Existing collaborations with the University of Exeter, funded by BBSRC and AstraZeneca, are developing in-life models using various transgenic fish lines. These are used to identify pharmaceutically active chemicals that may cause adverse effects to humans and/or the environment; such as endocrine disruption or oxidative stress; earlier in the product discovery and development process. Here, it is critical to be able to identify products with these properties at the earliest stage before significant investments are made in their further development. In recent years there have been significant advances with alternative, (to mammalian), models to determine the clinical efficacy and safety of medicinal products. The combination of transparent transgenic zebrafish with advanced imaging methods allow for the non-invasive visualising of responses to chemicals, including drugs, in live fish in real time, which offers exciting opportunities for truly advancing our understanding of how chemicals work in the body. However, these assays require the use of advanced imaging and image processing to maximise the benefits from this research.
The aim of this PhD studentship is to optimise the use of imaging approaches to better exploit the advantages of our transgenic zebrafish models, and to advance our ability to better understand the effects that chemicals may have on fish (and by extrapolation to mammalian) health. At Exeter we hold an exciting array of transgenic fish for this work including models for oestrogens, oxidative stress, immune function, and neural function amongst others and the model choices will depend on the drugs/chemical investigated. In this project the student will seek to develop imaging approaches that will allow accurate location of a specific tissue or region (e.g. brain, heart, liver, hair cell, gut etc.) within the zebrafish, delineate this chosen target from a complex background and quantify the signal and/or morphology in transgenically modified animal. Considerable background work for this studentship has been conducted at Exeter, using a variety of imaging platforms which will support and enable this exciting project. The studentship will involve conducting in-life exposures of the various transgenic fish lines to specific drugs and chemicals for the imaging work, followed by imaging on a number of platforms from high-throughput plate readers to more specific confocal and possibly light sheet and Mass spec. imaging. The studentship may also provide the opportunity to link this imaging work with in situ metabolomics to better understand how the chemical fate with the biological effects observed. Considerable expertise in all the proposed techniques for this studentship is held within the team at Exeter for supporting this work.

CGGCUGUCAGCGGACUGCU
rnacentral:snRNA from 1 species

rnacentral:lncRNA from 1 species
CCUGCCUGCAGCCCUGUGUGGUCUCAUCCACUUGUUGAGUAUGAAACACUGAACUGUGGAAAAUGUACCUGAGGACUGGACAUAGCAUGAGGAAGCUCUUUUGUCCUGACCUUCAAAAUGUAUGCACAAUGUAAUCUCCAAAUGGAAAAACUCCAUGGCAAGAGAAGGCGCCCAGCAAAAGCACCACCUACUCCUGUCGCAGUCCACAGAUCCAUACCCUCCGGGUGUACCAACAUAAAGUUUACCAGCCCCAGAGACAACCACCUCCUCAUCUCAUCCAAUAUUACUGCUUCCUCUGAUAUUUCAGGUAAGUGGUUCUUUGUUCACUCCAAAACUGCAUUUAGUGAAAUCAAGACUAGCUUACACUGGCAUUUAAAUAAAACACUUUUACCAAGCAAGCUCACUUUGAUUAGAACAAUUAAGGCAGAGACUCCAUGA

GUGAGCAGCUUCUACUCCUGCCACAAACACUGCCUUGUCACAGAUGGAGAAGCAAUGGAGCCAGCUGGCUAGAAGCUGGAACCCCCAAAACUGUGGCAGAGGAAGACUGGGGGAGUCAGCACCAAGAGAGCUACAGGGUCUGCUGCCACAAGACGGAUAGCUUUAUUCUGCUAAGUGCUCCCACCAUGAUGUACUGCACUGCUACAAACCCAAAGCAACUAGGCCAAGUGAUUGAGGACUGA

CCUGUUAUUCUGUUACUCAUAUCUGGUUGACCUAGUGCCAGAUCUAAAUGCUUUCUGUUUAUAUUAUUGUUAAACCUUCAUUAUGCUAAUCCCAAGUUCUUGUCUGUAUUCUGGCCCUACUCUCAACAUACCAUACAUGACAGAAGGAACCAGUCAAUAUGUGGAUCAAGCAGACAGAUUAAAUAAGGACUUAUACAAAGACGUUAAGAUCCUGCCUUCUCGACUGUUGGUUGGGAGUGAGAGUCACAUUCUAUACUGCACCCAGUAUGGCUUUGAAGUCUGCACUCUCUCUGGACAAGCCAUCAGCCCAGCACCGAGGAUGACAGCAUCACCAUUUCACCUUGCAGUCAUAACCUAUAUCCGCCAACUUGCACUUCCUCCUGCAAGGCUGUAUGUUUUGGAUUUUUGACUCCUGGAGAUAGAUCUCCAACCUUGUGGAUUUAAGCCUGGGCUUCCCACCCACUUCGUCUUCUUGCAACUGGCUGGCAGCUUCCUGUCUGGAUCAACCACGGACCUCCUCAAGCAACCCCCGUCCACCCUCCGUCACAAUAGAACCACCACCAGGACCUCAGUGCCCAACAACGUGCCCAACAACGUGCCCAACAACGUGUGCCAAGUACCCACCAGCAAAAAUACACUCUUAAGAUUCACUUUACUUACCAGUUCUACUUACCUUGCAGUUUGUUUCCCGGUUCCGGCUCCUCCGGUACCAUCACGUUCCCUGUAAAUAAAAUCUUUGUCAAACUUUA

The student will work under the supervision of Prof Tyler and Dr Hetheridge, with supporting expertise from an extensive team of researchers at Exeter working in imaging, image analysis, transgenic fish, and ecotoxicology. The student will also have direct support from a pharmaceutical company, AstraZeneca, with regular short research placements with them. The student will have access to exceptionally facilities for all aspects of this project including: in-life fish exposures, molecular biology, imaging (including Confocal and possibly light-sheet microscopy, mass spec imaging) and advanced image analysis, and will receive multidisciplinary training in techniques spanning molecular biology, bioinformatics, immunology, toxicology and tissue imaging. (S)he will thus develop a valuable set of technical and theoretical expertise that will boost a successful career as an independent scientist.
The studentship will cover a stipend at the minimum Research Council rate, currently £14,553 per annum, research costs and tuition fees at the UK/EU rate for students who meet the residency requirements outlined by the BBSRC. Students from EU countries who do not meet the residency requirements may still be eligible for a fees-only award but no stipend. Applicants who are classed as International for tuition fee purposes are not eligible for funding. Further information about eligibility can be found here.
The studentship will be awarded on the basis of merit for 3.5 years of full-time study to commence in January 2018 and is subject to confirmation of funding.
For further information please see http://www.exeter.ac.uk/studying/funding/award/?id=2659
Applicants for this studentship must have obtained, or be about to obtain, a First or Upper Second Class UK Honours degree, or the equivalent qualifications gained outside the UK, in biology, biochemistry or molecular biology.
If English is not your first language you will need to have achieved at least 6.5 in IELTS and no less than 6.0 in any section by the start of the project. Alternative tests may be acceptable (see View Website).